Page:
WildStar Paths: Diversity in a Themepark

WildStar’s path system fascinates me.  Paths are almost class-like identities, but they’re not a class.  They represent a playstyle, or how you like to play MMOs. In the lore, your path represents your responsibilities once you reach Nexus.  This is ‘extra’ content for the players to involve themselves in beside the normal ‘leveling content’.  That’s what fascinates me; someone is trying to create

Explorer is for people who want to go out and see the world, Soldier for those who like killin’, Scientists for the nerds who like puzzles and knowledge, and the Settler for people who enjoy socializing and building stuff.  You better believe I am ALL about the Settler.  I can totally identify with JPHiggenbottom from the latest WildStar DevSpeak video.

Types of missions someone of the settler path can enjoy:

EXPANSION: That town ain’t going to improve itself. So step up, strap on a toolbelt, and get to work building things that make everyone’s life a little easier. CIVIL DEFENSE: Town guards can handle the small stuff. But when the biggest, meanest monsters on Nexus come a-knockin’, you’ll step up and save the day!
SUPPLY CACHE: Who has time to sit around and wait for vital supplies to show up on a platter? Put on those boots and bring home the bacon! INFASTRUCTURE:Are you ready for some serious real estate development? Then do your civic duty and build hospitals, taverns, and spaceports for your friends and allies.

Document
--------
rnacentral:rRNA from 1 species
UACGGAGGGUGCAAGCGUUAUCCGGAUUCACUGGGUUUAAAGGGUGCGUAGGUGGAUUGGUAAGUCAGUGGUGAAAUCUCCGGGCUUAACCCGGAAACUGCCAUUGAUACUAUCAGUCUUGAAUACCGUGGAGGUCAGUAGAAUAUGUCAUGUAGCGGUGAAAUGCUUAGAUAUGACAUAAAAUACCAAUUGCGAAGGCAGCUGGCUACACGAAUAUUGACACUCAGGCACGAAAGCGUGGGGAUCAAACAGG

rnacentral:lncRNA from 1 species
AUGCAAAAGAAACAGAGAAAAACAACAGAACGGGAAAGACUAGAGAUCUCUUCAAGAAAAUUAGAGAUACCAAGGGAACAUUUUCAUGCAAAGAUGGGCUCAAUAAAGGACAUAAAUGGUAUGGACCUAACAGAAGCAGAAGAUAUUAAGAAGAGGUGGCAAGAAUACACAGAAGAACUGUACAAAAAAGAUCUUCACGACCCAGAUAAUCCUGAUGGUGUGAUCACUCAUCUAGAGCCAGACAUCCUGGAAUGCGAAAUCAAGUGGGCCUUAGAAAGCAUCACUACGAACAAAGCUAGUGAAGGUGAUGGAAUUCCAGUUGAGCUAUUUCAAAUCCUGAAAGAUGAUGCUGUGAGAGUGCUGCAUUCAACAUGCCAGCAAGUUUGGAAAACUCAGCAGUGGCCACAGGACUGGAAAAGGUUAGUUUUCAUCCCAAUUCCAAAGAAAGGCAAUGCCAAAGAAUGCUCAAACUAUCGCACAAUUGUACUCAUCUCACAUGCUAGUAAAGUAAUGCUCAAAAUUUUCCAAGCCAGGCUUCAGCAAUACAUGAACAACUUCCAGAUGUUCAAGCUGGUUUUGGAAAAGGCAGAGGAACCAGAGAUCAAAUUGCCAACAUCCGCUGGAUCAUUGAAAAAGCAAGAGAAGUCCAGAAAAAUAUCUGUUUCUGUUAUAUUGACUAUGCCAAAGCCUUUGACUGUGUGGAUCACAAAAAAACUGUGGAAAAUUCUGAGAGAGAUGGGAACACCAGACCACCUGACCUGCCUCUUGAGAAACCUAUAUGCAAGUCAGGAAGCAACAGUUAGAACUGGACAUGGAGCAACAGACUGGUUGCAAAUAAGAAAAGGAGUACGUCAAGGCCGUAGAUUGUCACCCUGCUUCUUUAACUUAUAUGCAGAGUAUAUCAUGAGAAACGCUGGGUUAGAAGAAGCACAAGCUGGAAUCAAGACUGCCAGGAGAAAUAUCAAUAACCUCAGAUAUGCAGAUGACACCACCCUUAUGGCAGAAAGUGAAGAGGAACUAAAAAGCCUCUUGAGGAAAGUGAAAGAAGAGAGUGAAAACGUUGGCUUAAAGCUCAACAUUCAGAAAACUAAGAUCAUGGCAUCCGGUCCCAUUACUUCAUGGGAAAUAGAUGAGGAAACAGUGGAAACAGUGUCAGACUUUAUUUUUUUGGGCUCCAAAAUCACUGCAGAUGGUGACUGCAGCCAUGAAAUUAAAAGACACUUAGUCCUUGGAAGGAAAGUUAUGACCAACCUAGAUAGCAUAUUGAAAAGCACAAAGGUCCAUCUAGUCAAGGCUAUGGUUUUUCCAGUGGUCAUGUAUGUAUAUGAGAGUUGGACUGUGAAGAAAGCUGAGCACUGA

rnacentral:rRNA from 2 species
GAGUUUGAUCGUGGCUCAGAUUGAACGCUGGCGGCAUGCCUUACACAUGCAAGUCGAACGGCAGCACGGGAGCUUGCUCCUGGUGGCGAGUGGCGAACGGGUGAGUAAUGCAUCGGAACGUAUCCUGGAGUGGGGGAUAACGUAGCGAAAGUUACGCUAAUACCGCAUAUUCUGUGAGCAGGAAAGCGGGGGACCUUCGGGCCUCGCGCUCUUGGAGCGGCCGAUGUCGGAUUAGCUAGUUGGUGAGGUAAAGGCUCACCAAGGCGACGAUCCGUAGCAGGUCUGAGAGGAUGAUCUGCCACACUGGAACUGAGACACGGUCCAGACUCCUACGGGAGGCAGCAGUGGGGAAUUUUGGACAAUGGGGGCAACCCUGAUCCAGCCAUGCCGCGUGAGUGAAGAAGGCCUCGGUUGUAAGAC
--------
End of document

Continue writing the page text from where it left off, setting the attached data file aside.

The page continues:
PUBLIC SERVICE: Some people just don’t have the grit and backbone to get the job done. Good thing you do. Achieve tasks for the greater good, and get rewarded for it.


Constructing beneficial structures for friends and allies sounds awesome.  I’m imagining being able to build quasi-permanent structures that stay for at least as long as I am online.  Ideally they’d be permanent, but I have realistic expectations.  If I can make a structure in a quest hub that will buff other players who come in, and I get rewarded for that… how freaking cool is that?!  Making turrets to defend towns, building taverns for people to stop by and visit, or simply being able to think about the actual act of making things is just really, really appealing to me.

To me, this kind of thing is innovative. I was losing hope, but Carbine Studios is showing that even in a themepark there are ways to tip your hat to different playstyles beyond just killing mobs and running dungeons. Two people may both be Gunslingers, but one might be a Gunslinger Scientists and the other a Gunslinger Explorer. Both players get what they want in a way that appeals to the individual most.  I love the idea, and I am now even more eager to play WildStar.  Now who wants to give me a beta invite?  Please?

Revisiting Rift

Rift Tactician Dovahkeen

My Tactician AOE clearing groups of mobs in Rift.

Last week I shared my thoughts on the Rift F2P conversion slated to arrive in just three weeks. I wanted to jump in and revisit Rift before the change so that I can have up-to-date experience before commenting on how the F2P changes really impact the game.

The Rift team reached out to me to help get me back in and playing on my account.  In a matter of minutes I had my Rogue created and I was slaying mobs in the familiar starting zone.